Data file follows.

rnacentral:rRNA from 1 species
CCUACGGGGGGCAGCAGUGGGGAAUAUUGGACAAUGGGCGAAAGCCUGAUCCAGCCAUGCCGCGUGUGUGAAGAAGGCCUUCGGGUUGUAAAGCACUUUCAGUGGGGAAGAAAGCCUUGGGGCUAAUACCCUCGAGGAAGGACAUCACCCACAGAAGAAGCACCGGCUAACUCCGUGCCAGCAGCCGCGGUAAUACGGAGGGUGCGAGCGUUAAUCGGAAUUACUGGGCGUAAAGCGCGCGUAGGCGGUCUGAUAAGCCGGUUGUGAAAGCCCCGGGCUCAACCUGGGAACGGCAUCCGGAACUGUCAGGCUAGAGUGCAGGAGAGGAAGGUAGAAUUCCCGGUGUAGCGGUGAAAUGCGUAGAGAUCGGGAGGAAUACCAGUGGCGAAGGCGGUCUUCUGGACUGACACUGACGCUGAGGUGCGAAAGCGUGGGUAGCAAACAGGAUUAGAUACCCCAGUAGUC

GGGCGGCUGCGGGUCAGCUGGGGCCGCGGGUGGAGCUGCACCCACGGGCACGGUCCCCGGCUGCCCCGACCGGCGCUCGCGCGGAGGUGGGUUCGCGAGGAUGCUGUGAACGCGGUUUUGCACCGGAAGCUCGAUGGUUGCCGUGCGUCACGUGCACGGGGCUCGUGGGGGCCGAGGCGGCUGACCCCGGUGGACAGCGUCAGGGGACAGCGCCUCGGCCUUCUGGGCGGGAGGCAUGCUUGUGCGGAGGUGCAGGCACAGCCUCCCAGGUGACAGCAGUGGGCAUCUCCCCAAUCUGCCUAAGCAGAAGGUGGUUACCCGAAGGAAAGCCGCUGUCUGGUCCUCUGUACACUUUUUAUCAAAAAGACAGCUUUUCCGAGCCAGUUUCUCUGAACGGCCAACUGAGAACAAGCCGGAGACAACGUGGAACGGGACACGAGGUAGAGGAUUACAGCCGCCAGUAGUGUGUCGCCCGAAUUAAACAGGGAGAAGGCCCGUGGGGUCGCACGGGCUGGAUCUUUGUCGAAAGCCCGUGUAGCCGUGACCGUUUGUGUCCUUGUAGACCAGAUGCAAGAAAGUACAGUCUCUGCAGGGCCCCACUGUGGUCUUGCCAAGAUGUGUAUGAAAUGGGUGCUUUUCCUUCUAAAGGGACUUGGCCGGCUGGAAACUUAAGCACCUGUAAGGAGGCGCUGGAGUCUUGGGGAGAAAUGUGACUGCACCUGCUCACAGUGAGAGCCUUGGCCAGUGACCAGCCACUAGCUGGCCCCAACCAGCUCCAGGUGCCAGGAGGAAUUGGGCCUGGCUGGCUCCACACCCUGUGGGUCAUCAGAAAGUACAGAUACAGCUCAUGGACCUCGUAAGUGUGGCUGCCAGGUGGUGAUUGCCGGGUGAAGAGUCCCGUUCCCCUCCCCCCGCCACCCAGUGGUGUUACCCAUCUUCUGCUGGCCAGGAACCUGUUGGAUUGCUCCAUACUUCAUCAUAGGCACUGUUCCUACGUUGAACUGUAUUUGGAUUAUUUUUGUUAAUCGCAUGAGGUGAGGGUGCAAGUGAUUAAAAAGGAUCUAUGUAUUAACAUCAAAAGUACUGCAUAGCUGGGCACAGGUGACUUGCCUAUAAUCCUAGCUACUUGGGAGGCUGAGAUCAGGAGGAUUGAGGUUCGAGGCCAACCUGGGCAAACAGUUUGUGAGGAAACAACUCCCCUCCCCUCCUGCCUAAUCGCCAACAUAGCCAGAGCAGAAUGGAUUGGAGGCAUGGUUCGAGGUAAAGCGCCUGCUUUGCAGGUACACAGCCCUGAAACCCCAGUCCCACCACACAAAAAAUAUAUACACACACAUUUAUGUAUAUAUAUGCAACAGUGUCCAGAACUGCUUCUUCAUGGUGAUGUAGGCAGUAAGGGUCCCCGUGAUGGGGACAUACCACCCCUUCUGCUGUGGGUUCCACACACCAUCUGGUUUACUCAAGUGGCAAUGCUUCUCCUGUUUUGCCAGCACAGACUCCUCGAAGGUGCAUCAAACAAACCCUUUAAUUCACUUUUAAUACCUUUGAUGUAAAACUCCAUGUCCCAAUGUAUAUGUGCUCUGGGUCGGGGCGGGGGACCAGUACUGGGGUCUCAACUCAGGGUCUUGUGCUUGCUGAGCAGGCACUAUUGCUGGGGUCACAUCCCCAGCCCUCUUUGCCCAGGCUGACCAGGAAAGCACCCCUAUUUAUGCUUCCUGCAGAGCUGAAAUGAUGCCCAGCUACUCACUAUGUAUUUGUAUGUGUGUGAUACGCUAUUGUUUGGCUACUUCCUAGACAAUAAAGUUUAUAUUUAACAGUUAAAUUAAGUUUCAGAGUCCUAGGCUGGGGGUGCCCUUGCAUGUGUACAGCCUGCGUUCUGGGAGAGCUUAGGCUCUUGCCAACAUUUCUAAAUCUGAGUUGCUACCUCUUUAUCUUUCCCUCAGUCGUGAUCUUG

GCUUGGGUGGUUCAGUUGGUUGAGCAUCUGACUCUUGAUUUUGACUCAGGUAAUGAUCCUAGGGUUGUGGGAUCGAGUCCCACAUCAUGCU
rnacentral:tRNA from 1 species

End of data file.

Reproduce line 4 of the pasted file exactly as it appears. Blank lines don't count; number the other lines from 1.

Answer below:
GCUUGGGUGGUUCAGUUGGUUGAGCAUCUGACUCUUGAUUUUGACUCAGGUAAUGAUCCUAGGGUUGUGGGAUCGAGUCCCACAUCAUGCU